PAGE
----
Local social organizations and law enforcement agencies were ready to react to the needs of the county’s most vulnerable residents Monday.
As an arctic blast sent McHenry County into a deep freeze, agencies worked to keep the most at-risk residents – among them, the elderly, ailing and homeless – warm and well fed.
A couple county churches opened Monday to serve as warming centers, said Meghan Powell-Filler, PADS behavioral health residential manager. PADS was providing its normal services and was working with other area organizations to provide transportation to keep McHenry County residents from the cold.
PADS also had representatives driving around to train stops and around the county to be visible and available for anyone who needed a ride to shelter.
“The clients and individuals will know the PADS bus,” Powell-Filler said.
McHenry County Undersheriff Andy Zinke said the sheriff’s office was ready to quickly respond to “check for well-being” calls Monday, but the office had only received a couple such calls as of midafternoon.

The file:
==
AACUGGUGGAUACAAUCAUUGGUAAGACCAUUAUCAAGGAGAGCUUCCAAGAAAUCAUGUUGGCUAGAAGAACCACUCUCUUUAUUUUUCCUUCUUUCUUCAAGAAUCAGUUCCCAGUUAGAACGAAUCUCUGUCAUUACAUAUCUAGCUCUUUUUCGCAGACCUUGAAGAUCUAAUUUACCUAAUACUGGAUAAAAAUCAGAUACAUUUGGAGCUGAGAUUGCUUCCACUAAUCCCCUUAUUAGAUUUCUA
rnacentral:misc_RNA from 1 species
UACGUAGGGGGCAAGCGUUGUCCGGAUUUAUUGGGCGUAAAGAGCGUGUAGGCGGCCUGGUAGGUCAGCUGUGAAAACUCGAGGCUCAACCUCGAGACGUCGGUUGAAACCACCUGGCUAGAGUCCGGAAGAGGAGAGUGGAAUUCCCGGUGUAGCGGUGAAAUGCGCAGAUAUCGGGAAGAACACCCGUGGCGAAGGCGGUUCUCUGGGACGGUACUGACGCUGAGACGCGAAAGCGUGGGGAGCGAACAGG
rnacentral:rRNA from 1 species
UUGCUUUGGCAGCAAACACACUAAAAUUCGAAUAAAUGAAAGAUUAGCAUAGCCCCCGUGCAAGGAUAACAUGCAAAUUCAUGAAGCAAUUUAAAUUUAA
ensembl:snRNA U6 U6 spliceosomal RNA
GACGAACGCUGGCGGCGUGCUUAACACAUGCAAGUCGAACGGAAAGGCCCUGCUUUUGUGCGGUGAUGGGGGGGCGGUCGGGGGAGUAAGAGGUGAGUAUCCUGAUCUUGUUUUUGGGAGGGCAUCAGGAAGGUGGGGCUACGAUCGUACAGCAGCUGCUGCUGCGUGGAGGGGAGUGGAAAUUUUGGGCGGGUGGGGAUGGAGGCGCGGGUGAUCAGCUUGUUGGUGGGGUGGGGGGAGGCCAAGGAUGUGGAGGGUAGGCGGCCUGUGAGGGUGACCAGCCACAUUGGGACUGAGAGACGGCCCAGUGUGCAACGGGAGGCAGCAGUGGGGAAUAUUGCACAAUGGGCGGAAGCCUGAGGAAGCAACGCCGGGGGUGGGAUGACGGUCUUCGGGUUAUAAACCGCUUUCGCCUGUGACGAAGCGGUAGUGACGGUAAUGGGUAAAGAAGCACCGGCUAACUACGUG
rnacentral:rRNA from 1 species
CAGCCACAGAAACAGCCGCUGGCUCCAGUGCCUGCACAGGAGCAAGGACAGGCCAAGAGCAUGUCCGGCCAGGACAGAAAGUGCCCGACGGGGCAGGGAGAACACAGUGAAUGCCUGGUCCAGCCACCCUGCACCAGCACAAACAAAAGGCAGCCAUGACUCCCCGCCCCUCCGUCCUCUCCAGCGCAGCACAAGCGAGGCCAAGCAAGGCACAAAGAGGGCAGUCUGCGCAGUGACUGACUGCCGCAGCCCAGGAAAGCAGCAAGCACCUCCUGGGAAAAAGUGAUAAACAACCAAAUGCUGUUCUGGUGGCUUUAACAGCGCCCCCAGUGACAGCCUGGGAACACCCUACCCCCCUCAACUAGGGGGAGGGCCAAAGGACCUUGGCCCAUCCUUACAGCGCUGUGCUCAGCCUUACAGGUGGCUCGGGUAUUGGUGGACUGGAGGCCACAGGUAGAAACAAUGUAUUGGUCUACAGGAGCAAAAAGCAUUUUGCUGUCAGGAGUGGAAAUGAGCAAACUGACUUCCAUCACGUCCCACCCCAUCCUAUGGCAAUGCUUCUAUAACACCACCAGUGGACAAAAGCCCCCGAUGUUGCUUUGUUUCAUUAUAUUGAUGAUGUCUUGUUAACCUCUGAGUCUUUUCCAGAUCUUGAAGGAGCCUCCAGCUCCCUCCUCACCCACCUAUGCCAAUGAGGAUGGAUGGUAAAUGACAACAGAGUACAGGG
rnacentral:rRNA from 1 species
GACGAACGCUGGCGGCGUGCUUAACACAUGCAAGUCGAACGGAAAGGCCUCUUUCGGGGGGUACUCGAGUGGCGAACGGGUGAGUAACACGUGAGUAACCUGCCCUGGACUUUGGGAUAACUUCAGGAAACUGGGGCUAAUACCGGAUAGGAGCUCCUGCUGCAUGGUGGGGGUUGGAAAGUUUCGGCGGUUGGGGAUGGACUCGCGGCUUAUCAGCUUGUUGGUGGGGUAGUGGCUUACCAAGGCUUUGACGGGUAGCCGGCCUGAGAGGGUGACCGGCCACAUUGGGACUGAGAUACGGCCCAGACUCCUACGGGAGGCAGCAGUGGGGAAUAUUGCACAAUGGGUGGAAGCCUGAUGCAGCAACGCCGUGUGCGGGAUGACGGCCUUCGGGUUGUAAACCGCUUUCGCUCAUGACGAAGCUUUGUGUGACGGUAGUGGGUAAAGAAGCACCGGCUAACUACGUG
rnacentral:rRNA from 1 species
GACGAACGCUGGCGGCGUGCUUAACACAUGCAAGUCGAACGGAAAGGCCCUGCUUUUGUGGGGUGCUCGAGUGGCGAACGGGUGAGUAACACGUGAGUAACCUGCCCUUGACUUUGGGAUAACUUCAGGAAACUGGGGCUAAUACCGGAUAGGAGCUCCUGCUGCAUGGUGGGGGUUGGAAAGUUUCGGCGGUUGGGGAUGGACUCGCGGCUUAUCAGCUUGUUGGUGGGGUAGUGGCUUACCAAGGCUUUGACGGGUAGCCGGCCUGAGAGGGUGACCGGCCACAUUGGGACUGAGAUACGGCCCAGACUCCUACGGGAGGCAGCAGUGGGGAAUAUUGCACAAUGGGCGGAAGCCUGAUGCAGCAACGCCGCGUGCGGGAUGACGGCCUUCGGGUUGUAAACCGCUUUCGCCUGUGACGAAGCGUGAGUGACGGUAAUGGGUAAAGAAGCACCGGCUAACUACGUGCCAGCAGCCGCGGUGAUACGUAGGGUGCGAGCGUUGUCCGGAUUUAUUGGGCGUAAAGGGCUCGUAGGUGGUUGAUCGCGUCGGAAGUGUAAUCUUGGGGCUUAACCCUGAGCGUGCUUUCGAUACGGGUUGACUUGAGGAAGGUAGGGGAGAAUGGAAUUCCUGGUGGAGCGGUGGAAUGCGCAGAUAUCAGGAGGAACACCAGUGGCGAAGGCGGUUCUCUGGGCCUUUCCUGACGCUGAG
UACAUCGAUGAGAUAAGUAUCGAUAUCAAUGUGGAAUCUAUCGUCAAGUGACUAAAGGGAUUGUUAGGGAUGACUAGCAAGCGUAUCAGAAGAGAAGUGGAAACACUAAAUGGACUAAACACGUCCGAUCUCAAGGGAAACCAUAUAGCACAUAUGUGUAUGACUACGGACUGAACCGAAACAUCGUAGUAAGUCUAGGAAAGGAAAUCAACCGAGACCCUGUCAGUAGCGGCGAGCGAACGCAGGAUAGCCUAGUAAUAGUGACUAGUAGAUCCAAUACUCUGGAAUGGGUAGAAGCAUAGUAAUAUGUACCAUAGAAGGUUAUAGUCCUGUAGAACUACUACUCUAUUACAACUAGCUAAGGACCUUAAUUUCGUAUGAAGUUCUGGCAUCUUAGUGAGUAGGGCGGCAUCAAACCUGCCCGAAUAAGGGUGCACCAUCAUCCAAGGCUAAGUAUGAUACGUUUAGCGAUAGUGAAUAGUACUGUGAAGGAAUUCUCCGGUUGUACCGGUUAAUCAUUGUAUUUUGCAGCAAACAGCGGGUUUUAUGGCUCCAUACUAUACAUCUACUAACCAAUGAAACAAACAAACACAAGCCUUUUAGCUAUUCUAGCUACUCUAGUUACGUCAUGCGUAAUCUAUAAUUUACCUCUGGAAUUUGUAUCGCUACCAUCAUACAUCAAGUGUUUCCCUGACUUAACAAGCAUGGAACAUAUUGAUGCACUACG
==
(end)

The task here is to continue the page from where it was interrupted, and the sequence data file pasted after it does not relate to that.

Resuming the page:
Zinke urged residents to be good neighbors and check on anyone they know who might have mobility issues or limited communication options.
“In this day and age, you don’t believe it, but there are still people out there without telephones and sometimes without heat,” Zinke said. “We need to make sure they get the attention they need.”
Residents in need of assistance are encouraged to call the United Way’s community help line at 2-1-1 or the McHenry County Crisis Line at 800-892-8900.